So, last week (August 22nd), we finally made it happen. I had a weekend that was not completely packed with freelance work, and it felt like a great time to take a break from the Chicago suburbs. It was my chance to go to Two Rivers, Wisconsin and check out the Hamilton Wood Type & Printing museum for myself.

The city of Two Rivers sits directly on the shore of Lake Michigan (map). It’s about a 3 hour drive by tollway and freeway from Chicago and is commonly used as a quick stop-over for Chicago area vacationers on the way to Door County. It’s a city known as the birthplace for both for the ice cream sundae and the automatic clothes dryer (invented by the Hamilton company, the very same company that made the wood type housed in the museum). People seem to do a lot of fishing here, but it’s actually becoming a world-renowned destination for the typographically inclined.

With only one full-time employee, Jim Moran, and the help of a few volunteers it’s a wonder how they keep things straight. Jim’s ongoing schedule of workshops and printings seems to be accelerating as more people hear about its existence. At a recent Two Rivers Historical Society meeting Jim mentioned that they had a couple of designers from overseas come in to the area specifically to visit the museum. Several well known Chicago design schools travel there yearly and according to Jim they were even asked to supply some wood type to the “Levis Workshops“. Unfortunately they were unable to fulfill the request because of under-staffing and time restraints. Many corporate design teams and design boutiques are constantly calling the office looking to hold workshops for their staff. There was a small rumor circulating that Nike’s design group may even be interested in hosting a workshop for its creative team. But you didn’t hear that from us.

Interest in typography has recently hit a high-water mark. Memberships in design groups like Chicago’s own STA “The Society of Typographic Arts” seem to be on the rise. And as you can tell, typography is even in their name. The art of placing type in meaningful and communicative ways into layouts is the very thing that makes most of us design professionals. Who else can FEEL the white-space between the letter “W” and the letter “A”, when inappropriately un-kerned? Past this initial interest, there seems to be a trend toward hand-rendered type and, most fortunately for The Hamilton Wood Type & Printing Museum, an interest in what existed before computers — before the mac ruled our world.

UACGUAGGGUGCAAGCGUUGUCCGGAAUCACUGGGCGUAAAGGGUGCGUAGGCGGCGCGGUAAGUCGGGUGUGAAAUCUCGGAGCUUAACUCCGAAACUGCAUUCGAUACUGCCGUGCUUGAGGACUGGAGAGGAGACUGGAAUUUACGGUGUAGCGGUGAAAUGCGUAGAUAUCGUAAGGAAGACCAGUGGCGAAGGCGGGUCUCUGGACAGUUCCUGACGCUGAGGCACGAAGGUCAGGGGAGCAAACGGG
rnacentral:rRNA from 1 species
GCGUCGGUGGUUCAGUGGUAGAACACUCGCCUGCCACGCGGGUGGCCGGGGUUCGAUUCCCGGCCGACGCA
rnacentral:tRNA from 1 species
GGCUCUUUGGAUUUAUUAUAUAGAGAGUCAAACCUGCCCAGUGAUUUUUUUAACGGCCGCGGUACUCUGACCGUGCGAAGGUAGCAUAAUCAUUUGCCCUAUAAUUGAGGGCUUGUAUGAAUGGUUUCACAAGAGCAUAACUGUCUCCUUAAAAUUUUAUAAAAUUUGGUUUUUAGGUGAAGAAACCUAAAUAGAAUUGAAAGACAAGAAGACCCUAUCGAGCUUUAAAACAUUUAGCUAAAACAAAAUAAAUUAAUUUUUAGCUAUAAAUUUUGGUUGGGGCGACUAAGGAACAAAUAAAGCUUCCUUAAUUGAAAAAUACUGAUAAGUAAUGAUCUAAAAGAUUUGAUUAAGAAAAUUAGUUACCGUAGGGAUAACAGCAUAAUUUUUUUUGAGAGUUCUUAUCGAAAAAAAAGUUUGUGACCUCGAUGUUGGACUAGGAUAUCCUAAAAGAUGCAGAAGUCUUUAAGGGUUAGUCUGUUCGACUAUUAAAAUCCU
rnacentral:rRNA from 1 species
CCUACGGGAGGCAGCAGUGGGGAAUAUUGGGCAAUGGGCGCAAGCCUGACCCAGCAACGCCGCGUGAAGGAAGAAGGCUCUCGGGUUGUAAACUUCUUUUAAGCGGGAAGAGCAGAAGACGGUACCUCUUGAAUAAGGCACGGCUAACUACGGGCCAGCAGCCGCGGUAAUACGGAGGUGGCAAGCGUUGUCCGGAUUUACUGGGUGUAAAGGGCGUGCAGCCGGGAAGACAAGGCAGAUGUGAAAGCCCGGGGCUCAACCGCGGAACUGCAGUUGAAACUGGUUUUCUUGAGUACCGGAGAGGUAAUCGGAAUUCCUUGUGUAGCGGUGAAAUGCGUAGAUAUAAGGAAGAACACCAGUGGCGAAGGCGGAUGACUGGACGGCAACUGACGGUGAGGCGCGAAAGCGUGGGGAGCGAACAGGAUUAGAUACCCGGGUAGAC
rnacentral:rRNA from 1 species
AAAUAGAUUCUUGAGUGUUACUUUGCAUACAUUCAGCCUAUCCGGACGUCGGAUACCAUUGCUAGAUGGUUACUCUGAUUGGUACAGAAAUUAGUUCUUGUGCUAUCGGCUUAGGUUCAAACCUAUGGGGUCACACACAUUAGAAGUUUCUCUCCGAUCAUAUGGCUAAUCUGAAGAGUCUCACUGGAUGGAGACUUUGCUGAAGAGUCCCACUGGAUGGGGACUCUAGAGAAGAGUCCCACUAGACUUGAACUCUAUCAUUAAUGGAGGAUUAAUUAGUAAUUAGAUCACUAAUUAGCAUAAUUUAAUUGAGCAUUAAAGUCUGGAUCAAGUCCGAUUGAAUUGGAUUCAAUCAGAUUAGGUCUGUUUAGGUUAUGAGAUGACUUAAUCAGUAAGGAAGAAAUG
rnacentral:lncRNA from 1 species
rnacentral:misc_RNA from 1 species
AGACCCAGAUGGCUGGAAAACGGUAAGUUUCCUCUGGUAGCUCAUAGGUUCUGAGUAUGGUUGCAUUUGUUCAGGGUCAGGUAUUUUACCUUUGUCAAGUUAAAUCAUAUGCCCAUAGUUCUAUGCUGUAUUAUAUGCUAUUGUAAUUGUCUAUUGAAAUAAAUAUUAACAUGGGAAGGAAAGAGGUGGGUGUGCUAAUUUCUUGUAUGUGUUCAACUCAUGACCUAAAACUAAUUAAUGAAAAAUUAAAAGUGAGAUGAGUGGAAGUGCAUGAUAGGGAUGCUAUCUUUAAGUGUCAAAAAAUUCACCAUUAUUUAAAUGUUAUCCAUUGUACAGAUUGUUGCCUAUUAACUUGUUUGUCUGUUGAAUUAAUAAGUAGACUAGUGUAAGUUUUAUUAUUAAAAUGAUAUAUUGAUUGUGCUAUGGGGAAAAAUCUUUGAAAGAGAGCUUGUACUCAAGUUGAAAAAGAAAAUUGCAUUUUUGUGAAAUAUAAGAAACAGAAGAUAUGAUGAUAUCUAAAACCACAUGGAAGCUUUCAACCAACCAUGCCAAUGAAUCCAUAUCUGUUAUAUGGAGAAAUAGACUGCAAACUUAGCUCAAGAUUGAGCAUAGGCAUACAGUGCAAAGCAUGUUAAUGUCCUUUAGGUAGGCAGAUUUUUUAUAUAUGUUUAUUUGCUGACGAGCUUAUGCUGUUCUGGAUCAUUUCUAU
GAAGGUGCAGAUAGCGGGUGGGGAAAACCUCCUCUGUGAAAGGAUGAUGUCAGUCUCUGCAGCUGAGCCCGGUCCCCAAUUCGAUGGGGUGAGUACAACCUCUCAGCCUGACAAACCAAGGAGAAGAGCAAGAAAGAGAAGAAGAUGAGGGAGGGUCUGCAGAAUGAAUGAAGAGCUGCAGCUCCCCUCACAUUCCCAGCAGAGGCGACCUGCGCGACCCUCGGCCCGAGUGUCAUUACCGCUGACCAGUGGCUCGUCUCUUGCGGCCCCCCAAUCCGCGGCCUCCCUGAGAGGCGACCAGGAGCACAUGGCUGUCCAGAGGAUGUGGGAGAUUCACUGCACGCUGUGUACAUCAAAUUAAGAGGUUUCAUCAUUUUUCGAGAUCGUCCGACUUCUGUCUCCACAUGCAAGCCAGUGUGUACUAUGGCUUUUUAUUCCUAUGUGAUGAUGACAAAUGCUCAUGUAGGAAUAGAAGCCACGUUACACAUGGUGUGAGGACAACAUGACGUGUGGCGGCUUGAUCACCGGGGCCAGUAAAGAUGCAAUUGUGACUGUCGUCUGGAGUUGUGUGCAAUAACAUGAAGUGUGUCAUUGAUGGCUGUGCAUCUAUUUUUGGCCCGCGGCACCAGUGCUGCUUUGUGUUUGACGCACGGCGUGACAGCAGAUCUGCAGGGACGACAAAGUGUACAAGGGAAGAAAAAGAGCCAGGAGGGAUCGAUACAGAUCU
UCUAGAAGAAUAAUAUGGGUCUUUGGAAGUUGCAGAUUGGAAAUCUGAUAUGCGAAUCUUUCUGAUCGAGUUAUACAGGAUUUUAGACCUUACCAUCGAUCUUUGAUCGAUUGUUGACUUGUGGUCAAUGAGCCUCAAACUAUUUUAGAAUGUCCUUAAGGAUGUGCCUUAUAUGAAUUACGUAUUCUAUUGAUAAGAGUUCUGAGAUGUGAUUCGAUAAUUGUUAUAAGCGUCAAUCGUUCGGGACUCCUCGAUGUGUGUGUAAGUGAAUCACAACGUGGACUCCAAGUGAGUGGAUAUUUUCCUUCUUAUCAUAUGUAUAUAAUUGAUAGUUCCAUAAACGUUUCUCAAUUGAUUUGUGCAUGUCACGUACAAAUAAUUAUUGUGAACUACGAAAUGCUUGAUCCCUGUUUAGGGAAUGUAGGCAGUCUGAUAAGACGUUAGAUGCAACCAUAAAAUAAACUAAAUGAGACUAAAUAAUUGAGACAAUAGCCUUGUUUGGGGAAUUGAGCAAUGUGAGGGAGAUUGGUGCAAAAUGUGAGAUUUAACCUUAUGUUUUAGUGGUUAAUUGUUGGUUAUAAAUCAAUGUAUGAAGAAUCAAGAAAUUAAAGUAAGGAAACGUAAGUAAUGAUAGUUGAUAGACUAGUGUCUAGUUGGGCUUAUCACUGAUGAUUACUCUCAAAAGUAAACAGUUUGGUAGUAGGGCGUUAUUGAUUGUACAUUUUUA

The Museum is quickly becoming the centerpiece of Two Rivers and will shortly unseat the ice cream sundae as a reason to stop in for a visit. Its future seems a little brighter than it did in the documentary and we hope its star continues to rise. With continuing support from its volunteers, the printing community and designers worldwide we can be sure it does.

For those of you lucky enough to live near the museum, what are you waiting for? Go go go! And for those who would like to go, but may be overseas themselves, they’ve recently opened a shop on etsy where you can buy one of their limited-edition prints. It’s worth the visit, and although more people are starting to notice it, it still seems to be one of the surprising hidden design destinations you can see before it get’s too big.

We encourage all those interested to follow the Hamilton Wood Type & Printing Museum on Twitter, as well as Typeface (the official twitter account of the Typeface Documentary).

We also invite those who have been here to post a little something about their experiences at the museum. Just use the form at the end of this article. We also ask that you feel free to correct us if we got any facts mixed-up in our post here — after all, I’m really just an Art Director not a Journalist.